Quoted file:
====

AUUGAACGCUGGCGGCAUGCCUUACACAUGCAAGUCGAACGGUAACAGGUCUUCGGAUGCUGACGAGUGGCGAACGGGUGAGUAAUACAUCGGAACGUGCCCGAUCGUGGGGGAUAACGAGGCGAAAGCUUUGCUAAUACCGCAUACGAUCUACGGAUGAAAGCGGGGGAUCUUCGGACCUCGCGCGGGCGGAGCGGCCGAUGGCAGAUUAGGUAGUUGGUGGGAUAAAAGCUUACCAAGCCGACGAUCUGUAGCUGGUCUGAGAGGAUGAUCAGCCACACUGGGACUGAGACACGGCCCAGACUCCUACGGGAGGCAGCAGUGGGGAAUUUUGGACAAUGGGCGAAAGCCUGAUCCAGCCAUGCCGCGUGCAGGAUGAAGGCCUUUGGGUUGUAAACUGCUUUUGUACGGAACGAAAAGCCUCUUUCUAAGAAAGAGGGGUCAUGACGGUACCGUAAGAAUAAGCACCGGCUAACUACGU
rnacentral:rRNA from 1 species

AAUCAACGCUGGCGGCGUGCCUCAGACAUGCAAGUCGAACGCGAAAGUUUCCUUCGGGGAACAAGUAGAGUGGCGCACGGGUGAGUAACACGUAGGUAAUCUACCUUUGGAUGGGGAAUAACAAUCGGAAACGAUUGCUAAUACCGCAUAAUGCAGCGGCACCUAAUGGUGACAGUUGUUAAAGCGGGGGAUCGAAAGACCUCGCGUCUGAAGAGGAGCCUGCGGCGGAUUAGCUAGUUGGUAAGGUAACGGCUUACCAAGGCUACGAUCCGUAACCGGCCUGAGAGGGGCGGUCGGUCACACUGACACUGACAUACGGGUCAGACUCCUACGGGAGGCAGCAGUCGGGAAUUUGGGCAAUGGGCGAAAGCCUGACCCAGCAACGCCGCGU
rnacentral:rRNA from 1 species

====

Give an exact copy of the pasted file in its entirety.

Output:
AUUGAACGCUGGCGGCAUGCCUUACACAUGCAAGUCGAACGGUAACAGGUCUUCGGAUGCUGACGAGUGGCGAACGGGUGAGUAAUACAUCGGAACGUGCCCGAUCGUGGGGGAUAACGAGGCGAAAGCUUUGCUAAUACCGCAUACGAUCUACGGAUGAAAGCGGGGGAUCUUCGGACCUCGCGCGGGCGGAGCGGCCGAUGGCAGAUUAGGUAGUUGGUGGGAUAAAAGCUUACCAAGCCGACGAUCUGUAGCUGGUCUGAGAGGAUGAUCAGCCACACUGGGACUGAGACACGGCCCAGACUCCUACGGGAGGCAGCAGUGGGGAAUUUUGGACAAUGGGCGAAAGCCUGAUCCAGCCAUGCCGCGUGCAGGAUGAAGGCCUUUGGGUUGUAAACUGCUUUUGUACGGAACGAAAAGCCUCUUUCUAAGAAAGAGGGGUCAUGACGGUACCGUAAGAAUAAGCACCGGCUAACUACGU
rnacentral:rRNA from 1 species

AAUCAACGCUGGCGGCGUGCCUCAGACAUGCAAGUCGAACGCGAAAGUUUCCUUCGGGGAACAAGUAGAGUGGCGCACGGGUGAGUAACACGUAGGUAAUCUACCUUUGGAUGGGGAAUAACAAUCGGAAACGAUUGCUAAUACCGCAUAAUGCAGCGGCACCUAAUGGUGACAGUUGUUAAAGCGGGGGAUCGAAAGACCUCGCGUCUGAAGAGGAGCCUGCGGCGGAUUAGCUAGUUGGUAAGGUAACGGCUUACCAAGGCUACGAUCCGUAACCGGCCUGAGAGGGGCGGUCGGUCACACUGACACUGACAUACGGGUCAGACUCCUACGGGAGGCAGCAGUCGGGAAUUUGGGCAAUGGGCGAAAGCCUGACCCAGCAACGCCGCGU
rnacentral:rRNA from 1 species